World Bulletin / News Desk
The Nigerian army on Tuesday retook the twin towns of Gamboru and Ngala in Nigeria’s northeastern Borno State from Boko Haram militants who had held the border community for the last several months, according to an army statement.
“The army today retook the economic and strategic town of Gamboru-Ngala in Borno State from the Boko Haram terrorist group,” army spokesman Sani Usman said in a Tuesday statement posted on Facebook.
The spokesman refrained from saying, however, whether any militants or army troops had been killed in the recovery operation.
Gamboru-Ngala, which hosts the headquarters of the Borno State government, lies on Nigeria’s border with Cameroon.
In March, the Chadian army claimed to have captured the town from Boko Haram, but later withdrew after what it described as the “failure” of Nigerian troops to occupy it.
The Nigerian army, for its part, denounced the claim amid a sharp war of words in which the two countries blamed one another for the loss of the strategic border town.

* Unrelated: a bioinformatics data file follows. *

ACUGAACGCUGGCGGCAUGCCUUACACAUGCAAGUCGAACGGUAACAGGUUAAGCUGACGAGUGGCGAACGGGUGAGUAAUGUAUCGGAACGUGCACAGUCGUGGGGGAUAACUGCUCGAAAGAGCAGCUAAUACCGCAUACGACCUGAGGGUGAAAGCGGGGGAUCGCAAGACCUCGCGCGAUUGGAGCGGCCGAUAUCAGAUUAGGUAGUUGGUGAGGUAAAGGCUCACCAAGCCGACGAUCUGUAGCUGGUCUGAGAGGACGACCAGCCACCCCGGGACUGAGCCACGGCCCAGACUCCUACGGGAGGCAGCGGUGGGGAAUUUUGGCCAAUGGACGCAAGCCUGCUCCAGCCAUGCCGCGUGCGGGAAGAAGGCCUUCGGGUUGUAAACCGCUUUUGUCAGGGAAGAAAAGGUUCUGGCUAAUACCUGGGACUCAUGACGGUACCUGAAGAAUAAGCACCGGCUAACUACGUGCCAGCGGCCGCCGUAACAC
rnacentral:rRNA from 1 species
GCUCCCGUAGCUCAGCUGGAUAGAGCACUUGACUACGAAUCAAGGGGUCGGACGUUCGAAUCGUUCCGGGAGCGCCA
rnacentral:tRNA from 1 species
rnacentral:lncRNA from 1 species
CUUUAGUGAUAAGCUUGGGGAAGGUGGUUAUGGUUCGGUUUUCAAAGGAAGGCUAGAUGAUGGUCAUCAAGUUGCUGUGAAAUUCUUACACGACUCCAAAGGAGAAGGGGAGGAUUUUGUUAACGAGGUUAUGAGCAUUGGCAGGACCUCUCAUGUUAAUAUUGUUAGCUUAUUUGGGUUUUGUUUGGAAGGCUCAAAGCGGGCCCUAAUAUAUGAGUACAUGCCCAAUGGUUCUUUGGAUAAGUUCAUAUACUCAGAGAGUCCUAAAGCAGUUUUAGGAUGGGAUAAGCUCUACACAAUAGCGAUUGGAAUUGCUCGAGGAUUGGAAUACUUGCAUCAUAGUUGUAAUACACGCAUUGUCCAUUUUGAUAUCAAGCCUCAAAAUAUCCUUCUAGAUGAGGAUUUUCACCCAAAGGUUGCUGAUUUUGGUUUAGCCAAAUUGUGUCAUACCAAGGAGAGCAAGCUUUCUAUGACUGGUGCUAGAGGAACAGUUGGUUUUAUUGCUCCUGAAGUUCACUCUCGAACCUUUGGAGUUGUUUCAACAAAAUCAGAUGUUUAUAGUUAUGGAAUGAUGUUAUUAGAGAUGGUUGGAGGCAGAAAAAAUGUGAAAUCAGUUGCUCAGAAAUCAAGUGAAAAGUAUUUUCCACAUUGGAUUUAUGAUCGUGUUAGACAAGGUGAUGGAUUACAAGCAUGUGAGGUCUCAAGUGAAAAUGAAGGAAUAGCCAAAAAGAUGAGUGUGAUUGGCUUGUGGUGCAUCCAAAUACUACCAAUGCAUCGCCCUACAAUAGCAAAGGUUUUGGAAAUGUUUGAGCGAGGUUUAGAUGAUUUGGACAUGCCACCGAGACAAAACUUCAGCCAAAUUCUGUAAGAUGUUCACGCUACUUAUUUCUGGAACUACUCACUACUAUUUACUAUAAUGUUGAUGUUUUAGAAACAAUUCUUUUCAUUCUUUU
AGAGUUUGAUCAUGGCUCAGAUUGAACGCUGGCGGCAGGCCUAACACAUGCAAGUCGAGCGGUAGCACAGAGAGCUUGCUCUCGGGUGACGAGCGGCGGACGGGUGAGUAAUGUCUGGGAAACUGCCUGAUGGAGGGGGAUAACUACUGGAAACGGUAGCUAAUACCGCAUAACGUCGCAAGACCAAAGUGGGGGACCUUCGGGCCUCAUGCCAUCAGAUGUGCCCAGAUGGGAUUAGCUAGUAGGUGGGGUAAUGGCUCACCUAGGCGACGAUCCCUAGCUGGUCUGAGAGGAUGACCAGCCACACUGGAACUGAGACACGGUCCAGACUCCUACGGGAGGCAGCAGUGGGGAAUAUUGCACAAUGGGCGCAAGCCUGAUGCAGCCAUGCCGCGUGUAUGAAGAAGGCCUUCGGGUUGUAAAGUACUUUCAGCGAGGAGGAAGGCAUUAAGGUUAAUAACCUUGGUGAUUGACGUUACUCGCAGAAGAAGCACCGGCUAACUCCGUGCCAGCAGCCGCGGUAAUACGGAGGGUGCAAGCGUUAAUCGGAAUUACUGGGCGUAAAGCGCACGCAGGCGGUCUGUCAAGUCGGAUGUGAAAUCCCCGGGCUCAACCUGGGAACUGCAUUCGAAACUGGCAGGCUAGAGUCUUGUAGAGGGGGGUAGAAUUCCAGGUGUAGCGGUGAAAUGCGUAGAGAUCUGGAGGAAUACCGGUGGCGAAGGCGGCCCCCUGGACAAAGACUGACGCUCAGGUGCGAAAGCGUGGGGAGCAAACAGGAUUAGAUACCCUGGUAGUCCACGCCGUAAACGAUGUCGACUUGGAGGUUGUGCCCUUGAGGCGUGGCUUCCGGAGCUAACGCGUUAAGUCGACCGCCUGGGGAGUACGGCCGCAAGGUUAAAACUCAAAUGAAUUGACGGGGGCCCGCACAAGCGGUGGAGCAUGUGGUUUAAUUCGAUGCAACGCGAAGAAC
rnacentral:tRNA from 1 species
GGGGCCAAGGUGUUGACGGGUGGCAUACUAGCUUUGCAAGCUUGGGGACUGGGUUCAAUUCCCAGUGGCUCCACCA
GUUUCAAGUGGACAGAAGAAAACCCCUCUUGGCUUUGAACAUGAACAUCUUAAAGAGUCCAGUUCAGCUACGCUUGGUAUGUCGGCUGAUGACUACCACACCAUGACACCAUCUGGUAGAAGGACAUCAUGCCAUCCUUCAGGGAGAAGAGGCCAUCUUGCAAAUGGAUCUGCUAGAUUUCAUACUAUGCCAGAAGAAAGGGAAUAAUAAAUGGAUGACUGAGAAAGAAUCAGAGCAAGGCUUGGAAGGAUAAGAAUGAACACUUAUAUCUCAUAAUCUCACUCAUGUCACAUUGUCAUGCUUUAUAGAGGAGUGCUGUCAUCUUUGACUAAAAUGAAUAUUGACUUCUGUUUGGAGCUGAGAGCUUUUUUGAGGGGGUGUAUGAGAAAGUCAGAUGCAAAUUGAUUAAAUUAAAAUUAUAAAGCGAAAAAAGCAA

In the run-up to the town’s capture by the militants last year, Gamboru-Ngala had suffered repeated Boko Haram onslaughts, in which numerous people were killed.
Boko Haram has waged a violent insurgency in Nigeria's northeast since 2009. In recent months, however, it has broadened the scope of its attacks, striking targets in Niger, Chad and Cameroon – all of which have allied with Abuja in an ongoing regional counter-terrorism campaign.Güncelleme Tarihi: 02 Eylül 2015, 14:03